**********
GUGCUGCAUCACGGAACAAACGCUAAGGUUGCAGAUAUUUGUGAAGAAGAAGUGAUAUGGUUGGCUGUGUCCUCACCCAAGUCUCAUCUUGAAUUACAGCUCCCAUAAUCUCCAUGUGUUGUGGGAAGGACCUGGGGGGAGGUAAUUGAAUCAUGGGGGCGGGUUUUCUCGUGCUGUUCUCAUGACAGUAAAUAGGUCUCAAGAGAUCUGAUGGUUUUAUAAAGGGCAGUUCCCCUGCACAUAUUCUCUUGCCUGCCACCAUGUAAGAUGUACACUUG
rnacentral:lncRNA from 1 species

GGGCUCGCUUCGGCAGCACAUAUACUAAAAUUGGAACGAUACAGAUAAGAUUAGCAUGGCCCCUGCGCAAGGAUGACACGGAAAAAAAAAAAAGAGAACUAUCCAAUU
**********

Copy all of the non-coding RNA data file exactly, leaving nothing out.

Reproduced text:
GUGCUGCAUCACGGAACAAACGCUAAGGUUGCAGAUAUUUGUGAAGAAGAAGUGAUAUGGUUGGCUGUGUCCUCACCCAAGUCUCAUCUUGAAUUACAGCUCCCAUAAUCUCCAUGUGUUGUGGGAAGGACCUGGGGGGAGGUAAUUGAAUCAUGGGGGCGGGUUUUCUCGUGCUGUUCUCAUGACAGUAAAUAGGUCUCAAGAGAUCUGAUGGUUUUAUAAAGGGCAGUUCCCCUGCACAUAUUCUCUUGCCUGCCACCAUGUAAGAUGUACACUUG
rnacentral:lncRNA from 1 species

GGGCUCGCUUCGGCAGCACAUAUACUAAAAUUGGAACGAUACAGAUAAGAUUAGCAUGGCCCCUGCGCAAGGAUGACACGGAAAAAAAAAAAAGAGAACUAUCCAAUU